Notes on John (Pt. 9): Two Beginnings

[Notes on John (Pt. 8 )]

1Then I saw a new heaven and a new earth, for the first heaven and the first earth had passed away, and the sea was no more. 2And I saw the holy city, new Jerusalem, coming down out of heaven from God, prepared as a bride adorned for her husband. 3And I heard a loud voice from the throne saying, “Behold, the dwelling place of God is with man. He will dwell with them, and they will be his people, and God himself will be with them as their God. 4 He will wipe away every tear from their eyes, and death shall be no more, neither shall there be mourning, nor crying, nor pain anymore, for the former things have passed away.” 5And he who was seated on the throne said, “Behold, I am making all things new.” Also he said, “Write this down, for these words are trustworthy and true.”

– Revelation 21:1-5

“In the Beginning…”/”This Beginning…”

In the prologue to his gospel,[1] the apostle John draws upon the structure of Genesis 1, utilizing the phrase “In the beginning” and the constant refrain “the next day” (which curiously lacks any reference to “evening”), thereby presenting Christ to us as the Creator of the world who has come to “make all things new,”[2] and as the Light of the world which the darkness did not overcome.[3] [For more on this, see my previous post on John 1.] John 2 makes what is implicit to John 1 – i.e. the Creation/Redemption parallel intimated by John’s allusion to Genesis 1 – more explicit, it seems, in v. 11. The NKJV renders verse 11 as follows:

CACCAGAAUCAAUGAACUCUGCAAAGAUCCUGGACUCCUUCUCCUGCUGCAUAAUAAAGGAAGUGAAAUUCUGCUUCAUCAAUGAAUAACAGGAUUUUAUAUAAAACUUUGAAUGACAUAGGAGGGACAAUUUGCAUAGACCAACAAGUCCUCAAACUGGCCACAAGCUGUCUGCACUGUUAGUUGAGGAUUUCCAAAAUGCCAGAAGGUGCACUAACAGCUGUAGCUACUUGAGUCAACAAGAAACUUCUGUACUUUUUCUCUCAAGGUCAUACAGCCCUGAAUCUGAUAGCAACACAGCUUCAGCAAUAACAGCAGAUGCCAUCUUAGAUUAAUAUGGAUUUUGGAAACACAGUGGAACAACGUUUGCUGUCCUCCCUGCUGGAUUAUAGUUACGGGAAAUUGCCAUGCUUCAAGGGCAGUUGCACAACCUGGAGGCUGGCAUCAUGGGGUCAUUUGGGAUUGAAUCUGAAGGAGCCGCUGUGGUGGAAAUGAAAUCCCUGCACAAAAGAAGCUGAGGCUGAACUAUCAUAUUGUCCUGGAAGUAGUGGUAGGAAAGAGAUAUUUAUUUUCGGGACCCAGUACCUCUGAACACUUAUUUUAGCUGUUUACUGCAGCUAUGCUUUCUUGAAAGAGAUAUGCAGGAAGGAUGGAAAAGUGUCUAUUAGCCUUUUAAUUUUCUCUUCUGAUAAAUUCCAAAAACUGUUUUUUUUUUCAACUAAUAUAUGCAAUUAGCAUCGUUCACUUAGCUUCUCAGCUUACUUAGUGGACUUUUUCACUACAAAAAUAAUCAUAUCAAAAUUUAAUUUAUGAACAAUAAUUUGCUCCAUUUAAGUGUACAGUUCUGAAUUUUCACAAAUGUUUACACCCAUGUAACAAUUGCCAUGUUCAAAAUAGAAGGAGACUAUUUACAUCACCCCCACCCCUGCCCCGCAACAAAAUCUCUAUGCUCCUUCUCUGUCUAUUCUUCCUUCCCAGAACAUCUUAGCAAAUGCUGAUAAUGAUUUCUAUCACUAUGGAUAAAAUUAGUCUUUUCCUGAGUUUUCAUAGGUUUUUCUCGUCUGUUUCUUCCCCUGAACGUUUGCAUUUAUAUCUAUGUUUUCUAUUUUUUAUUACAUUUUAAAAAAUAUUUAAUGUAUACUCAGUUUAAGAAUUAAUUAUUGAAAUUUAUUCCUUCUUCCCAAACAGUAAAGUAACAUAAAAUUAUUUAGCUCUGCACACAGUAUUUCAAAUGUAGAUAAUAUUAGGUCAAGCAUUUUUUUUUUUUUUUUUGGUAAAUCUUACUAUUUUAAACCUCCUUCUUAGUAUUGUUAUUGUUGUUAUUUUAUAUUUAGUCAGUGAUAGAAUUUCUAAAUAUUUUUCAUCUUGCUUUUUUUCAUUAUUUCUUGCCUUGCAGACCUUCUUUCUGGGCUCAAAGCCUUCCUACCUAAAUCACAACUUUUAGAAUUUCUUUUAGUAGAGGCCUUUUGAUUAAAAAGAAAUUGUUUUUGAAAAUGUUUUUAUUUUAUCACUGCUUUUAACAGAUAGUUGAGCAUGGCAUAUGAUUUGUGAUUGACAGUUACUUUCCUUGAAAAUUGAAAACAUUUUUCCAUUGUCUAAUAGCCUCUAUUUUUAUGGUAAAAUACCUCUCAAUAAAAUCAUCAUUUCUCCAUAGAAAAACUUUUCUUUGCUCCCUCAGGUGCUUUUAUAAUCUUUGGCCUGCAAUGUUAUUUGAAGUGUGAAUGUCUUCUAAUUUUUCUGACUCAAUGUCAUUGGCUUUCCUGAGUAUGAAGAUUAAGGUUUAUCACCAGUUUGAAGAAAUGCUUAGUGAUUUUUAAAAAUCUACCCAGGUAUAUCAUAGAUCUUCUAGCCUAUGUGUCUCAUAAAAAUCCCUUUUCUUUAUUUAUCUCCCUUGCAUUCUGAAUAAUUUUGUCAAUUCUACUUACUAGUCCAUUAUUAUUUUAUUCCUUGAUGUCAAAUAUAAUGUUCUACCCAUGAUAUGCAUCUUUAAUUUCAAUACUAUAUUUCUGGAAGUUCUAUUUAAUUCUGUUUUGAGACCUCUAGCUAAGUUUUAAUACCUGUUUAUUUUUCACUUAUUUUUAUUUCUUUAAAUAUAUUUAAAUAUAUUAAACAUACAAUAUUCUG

11 This beginning of signs Jesus did in Cana of Galilee, and manifested His glory; and His disciples believed in Him.

The NIV and ESV translations differ, translating “beginning” as “first,” which smoothes over what appears to be an otherwise strange manner of phrasing. However, John’s structure seems to insist on the NKJV’s translation, for there are a few themes that this verse shares with the prologue of John 1, as listed below.

John 1:1-18 John 2:11
“In the beginning…” (Creation Work)

Seven Days of Creation (implied)

“We beheld His glory…”[4]

“This beginning…” (Miraculous-Redemptive Work)

Seven Miracles (here unfolding)

“…[He]…manifested His glory…”[5]

Whereas “the beginning” in John 1:1 speaks of the creative work of Christ, this “beginning” speaks of the miraculous-redemptive work of Christ. What is significant to note is that this is the first of seven signs recorded by John to prove that Jesus is “Him of whom Moses in the law, and also the prophets, wrote—Jesus of Nazareth”[6] the Son of God, paralleling, it seems, the seven the days of creation.[7]

Dr. John Fesko’s interpretation of the chronology of this first miracle, moreover, further underscores this Creation/Redemption theme by understanding the phrase “On the third day…”[8] to mean “three days after the last day recorded” (i.e. the fourth day) in John 1. This would make “the third day” the seventh day, and would point us to the rest offered to us by Christ, who replaces ritual with the wine of the New Covenant, and thereby announces the coming of God’s Kingdom and the beginning of the Messianic era.[9] Perhaps one may also see in the Lord’s provision of wine for the married couple an echo of Genesis 2?

-h.

[Notes on John (Pt. 10)]


[1] John 1:1-18

[2] Revelation 21:5

[3] John 1:5

[4] 1:14

[5] 2:11

[6] 1:45

[7] This seems to be further underscored by John’s usage of the same term in 1:1 and 2:11, ἀρχή (archē).

[8] John 2:1

[9] Dr. Fesko’s sermon on the first miracle of the Lord can be listened to here. Click here to listen to the entire series.

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